The UK's Human Fertilisation and Embryology Authority (HFEA) has given permission to a fertility clinic to test a couple's embryos for early-onset Alzheimer's disease, a genetic condition that can manifest from the age of 35.
The Bridge Centre has been granted the licence to screen embryos for Charl and Danielle De Beer. Charl De Beer's mother developed Alzheimer's at the age of 49 and died at 64. His grandmother and two of his uncles also died of the condition, which has been passed down his mother's side of the family. While Mr De Beer does not know whether he carries the condition himself, and there is a 50 per cent chance of him doing so, he wishes to spare his children the experience of living under the threat of the illness. Mr De Beer said that his family 'has been dealing with Alzheimer's for 15 years', adding 'I am not prepared to run the risk of passing this on, and my wife has the same view'. The clinic will screen embryos to ensure that only the chromosome from Mr De Beer's father's side of the family is passed on.
Early-onset Alzheimer's is a very rare genetic condition, but the move to allow the testing of embryos to exclude those that carry the gene has provoked controversy. For one, opponents argue that genetic testing should be reserved for conditions that are fatal in early life, and argue that early-onset Alzheimer's usually does not affect carriers until the age of 45. Dr David King, director of Human Genetics Alert, said 'we can confidently expect science to find a cure for Alzheimer's in the next 40 years. I don't believe that it is better never to have been born than to live a healthy life for 45 years and die from Alzheimer's'.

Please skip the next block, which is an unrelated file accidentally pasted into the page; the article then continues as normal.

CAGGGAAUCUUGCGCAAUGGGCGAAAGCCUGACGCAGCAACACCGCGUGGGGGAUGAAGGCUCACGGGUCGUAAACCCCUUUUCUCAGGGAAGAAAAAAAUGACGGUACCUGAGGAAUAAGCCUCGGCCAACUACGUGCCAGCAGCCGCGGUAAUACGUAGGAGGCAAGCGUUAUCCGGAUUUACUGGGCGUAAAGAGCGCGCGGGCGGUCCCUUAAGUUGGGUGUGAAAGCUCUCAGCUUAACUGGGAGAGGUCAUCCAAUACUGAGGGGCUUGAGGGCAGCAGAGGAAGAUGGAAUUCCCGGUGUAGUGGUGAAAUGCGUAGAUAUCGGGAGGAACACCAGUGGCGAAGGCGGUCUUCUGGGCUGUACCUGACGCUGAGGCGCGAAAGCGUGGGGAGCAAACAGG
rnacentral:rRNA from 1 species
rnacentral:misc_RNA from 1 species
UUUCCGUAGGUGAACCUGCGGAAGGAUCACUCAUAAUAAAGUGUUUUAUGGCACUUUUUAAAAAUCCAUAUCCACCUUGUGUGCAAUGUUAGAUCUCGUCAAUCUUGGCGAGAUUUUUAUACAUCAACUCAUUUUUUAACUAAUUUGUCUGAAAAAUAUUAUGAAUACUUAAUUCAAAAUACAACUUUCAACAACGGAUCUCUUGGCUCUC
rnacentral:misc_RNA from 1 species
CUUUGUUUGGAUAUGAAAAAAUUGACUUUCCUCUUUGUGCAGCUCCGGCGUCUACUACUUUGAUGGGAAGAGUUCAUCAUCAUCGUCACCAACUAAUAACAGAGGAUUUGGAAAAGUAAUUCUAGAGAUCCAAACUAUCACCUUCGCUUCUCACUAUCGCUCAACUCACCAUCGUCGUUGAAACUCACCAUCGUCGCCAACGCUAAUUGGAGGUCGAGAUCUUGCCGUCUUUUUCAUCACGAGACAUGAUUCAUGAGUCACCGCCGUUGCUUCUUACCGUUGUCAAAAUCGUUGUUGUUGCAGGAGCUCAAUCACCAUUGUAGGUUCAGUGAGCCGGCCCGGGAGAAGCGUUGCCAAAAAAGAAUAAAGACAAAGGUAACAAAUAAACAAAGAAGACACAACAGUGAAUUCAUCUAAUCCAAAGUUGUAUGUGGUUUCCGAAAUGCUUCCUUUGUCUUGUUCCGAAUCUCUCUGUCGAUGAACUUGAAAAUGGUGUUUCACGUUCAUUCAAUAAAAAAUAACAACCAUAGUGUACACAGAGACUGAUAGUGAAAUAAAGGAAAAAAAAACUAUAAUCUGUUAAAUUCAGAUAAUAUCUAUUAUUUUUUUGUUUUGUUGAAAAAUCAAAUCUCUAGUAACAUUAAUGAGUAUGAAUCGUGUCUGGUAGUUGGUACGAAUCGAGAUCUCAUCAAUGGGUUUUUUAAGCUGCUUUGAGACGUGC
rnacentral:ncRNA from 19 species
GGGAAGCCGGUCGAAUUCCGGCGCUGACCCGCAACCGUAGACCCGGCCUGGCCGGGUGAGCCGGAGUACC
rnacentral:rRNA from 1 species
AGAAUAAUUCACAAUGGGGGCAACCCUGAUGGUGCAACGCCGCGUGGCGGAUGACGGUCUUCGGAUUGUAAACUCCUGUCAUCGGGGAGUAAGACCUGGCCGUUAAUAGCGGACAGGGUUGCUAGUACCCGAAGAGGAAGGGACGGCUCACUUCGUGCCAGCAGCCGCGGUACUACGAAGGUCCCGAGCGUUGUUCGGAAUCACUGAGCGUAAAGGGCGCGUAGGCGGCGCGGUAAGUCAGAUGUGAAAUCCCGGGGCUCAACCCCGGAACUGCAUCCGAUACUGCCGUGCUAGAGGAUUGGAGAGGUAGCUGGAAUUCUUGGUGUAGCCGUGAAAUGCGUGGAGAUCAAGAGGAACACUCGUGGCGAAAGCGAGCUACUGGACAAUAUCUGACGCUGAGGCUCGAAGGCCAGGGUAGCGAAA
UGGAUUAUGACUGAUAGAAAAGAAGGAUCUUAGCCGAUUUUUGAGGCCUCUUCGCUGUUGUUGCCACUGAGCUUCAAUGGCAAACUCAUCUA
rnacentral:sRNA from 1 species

Other opponents argue that such genetic testing leads to the destruction of healthy embryos. During the PGD process, there is a chance that one in four unaffected embryos will be discarded. Dr Alan Thornhill, scientific director at The Bridge Centre, argues that this happens in nature, and in ordinary IVF anyway. Further objections have been heard from opponents who believe that if couples are allowed to test for conditions such as early-onset Alzheimer's, a slippery slope will soon permit them to select embryos on the basis of intelligence, hair colour or sporting ability. However, Dr Thornhill argued that the process the De Beers were undergoing was emotionally and physically difficult, and thought that it was something that anyone would be highly unlikely to undergo except in cases of preventing serious and life threatening diseases.
The HFEA has classified early-onset Alzheimer's as a serious genetic condition, affecting carriers from the age of 35. In determining whether it was appropriate for the screening technique to be applied to the condition, the HFEA took expert scientific advice, looking at eight factors including the degree of suffering and speed of degeneration associated with the condition.